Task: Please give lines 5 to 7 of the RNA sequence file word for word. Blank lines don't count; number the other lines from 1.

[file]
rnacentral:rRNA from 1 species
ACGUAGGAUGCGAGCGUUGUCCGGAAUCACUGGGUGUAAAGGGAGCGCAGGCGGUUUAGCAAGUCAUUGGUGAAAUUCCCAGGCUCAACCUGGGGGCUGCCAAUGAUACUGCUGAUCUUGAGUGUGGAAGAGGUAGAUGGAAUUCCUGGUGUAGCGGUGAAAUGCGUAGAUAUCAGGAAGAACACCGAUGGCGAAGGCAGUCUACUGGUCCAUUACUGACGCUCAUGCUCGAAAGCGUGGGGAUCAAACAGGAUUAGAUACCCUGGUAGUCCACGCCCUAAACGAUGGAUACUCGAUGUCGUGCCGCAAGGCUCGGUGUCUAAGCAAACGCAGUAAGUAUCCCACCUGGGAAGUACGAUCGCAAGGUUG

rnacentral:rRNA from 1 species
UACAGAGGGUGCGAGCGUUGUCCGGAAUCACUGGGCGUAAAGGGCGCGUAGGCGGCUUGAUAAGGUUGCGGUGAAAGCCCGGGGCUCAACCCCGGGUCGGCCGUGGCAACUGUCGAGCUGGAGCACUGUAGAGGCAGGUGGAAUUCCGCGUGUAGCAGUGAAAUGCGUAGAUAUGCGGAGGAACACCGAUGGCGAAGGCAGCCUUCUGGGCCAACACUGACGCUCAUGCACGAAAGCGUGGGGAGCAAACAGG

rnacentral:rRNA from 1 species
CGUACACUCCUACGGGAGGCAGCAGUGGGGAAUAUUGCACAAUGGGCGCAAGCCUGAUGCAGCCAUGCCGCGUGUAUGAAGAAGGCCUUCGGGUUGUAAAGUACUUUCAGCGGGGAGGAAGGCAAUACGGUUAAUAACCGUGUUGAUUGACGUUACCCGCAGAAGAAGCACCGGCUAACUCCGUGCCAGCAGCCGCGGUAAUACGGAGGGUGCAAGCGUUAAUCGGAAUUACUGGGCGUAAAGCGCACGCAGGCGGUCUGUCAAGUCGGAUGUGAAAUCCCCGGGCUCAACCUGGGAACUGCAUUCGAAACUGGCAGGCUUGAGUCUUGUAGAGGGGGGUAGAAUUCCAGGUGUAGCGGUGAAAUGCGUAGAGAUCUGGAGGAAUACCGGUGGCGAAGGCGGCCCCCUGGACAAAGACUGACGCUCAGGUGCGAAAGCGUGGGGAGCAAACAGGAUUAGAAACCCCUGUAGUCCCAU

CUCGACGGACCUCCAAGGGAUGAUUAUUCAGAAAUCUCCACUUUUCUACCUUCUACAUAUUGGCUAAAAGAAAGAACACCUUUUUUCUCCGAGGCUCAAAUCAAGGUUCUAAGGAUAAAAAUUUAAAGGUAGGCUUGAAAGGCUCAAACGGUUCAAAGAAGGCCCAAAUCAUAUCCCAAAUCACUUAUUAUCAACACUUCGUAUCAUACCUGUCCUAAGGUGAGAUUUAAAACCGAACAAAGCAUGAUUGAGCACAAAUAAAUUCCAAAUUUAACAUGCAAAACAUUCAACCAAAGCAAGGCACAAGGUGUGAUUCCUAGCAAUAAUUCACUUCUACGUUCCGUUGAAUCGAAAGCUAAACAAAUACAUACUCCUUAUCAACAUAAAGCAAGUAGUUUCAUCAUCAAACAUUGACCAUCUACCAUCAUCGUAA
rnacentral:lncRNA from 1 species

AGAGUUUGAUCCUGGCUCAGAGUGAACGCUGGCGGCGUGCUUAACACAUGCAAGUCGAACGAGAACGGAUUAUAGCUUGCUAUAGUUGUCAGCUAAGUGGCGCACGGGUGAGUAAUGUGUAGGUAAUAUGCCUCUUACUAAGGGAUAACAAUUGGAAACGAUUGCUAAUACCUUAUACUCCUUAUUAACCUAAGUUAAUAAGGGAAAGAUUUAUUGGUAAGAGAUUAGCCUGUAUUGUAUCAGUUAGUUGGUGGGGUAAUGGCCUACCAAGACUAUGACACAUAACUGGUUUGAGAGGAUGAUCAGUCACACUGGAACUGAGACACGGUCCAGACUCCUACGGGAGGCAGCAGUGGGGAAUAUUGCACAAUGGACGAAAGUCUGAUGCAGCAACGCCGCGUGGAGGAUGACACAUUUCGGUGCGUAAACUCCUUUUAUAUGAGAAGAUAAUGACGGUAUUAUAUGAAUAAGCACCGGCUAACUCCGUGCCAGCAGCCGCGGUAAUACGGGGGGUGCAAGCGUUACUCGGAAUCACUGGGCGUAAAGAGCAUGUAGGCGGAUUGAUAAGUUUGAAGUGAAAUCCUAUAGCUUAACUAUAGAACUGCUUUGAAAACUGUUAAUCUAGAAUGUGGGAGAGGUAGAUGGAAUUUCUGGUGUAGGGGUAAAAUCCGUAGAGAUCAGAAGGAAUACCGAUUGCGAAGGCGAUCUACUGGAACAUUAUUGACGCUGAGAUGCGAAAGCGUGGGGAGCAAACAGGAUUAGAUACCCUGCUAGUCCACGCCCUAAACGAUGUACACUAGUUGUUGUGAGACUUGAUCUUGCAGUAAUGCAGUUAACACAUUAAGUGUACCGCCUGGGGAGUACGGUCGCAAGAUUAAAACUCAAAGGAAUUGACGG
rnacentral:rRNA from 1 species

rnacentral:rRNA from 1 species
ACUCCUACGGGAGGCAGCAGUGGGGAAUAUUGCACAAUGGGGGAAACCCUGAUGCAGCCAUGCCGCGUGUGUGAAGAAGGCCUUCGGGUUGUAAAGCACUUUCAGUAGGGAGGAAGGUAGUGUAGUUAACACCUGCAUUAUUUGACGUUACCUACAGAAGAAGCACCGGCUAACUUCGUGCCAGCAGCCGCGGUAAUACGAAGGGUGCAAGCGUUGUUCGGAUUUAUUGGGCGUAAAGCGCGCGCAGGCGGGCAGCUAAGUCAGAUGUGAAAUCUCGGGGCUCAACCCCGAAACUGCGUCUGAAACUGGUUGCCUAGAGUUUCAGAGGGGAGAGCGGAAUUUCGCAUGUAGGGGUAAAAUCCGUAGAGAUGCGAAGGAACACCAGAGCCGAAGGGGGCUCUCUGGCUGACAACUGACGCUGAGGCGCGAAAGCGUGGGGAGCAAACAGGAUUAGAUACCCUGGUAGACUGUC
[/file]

rnacentral:rRNA from 1 species
CGUACACUCCUACGGGAGGCAGCAGUGGGGAAUAUUGCACAAUGGGCGCAAGCCUGAUGCAGCCAUGCCGCGUGUAUGAAGAAGGCCUUCGGGUUGUAAAGUACUUUCAGCGGGGAGGAAGGCAAUACGGUUAAUAACCGUGUUGAUUGACGUUACCCGCAGAAGAAGCACCGGCUAACUCCGUGCCAGCAGCCGCGGUAAUACGGAGGGUGCAAGCGUUAAUCGGAAUUACUGGGCGUAAAGCGCACGCAGGCGGUCUGUCAAGUCGGAUGUGAAAUCCCCGGGCUCAACCUGGGAACUGCAUUCGAAACUGGCAGGCUUGAGUCUUGUAGAGGGGGGUAGAAUUCCAGGUGUAGCGGUGAAAUGCGUAGAGAUCUGGAGGAAUACCGGUGGCGAAGGCGGCCCCCUGGACAAAGACUGACGCUCAGGUGCGAAAGCGUGGGGAGCAAACAGGAUUAGAAACCCCUGUAGUCCCAU

CUCGACGGACCUCCAAGGGAUGAUUAUUCAGAAAUCUCCACUUUUCUACCUUCUACAUAUUGGCUAAAAGAAAGAACACCUUUUUUCUCCGAGGCUCAAAUCAAGGUUCUAAGGAUAAAAAUUUAAAGGUAGGCUUGAAAGGCUCAAACGGUUCAAAGAAGGCCCAAAUCAUAUCCCAAAUCACUUAUUAUCAACACUUCGUAUCAUACCUGUCCUAAGGUGAGAUUUAAAACCGAACAAAGCAUGAUUGAGCACAAAUAAAUUCCAAAUUUAACAUGCAAAACAUUCAACCAAAGCAAGGCACAAGGUGUGAUUCCUAGCAAUAAUUCACUUCUACGUUCCGUUGAAUCGAAAGCUAAACAAAUACAUACUCCUUAUCAACAUAAAGCAAGUAGUUUCAUCAUCAAACAUUGACCAUCUACCAUCAUCGUAA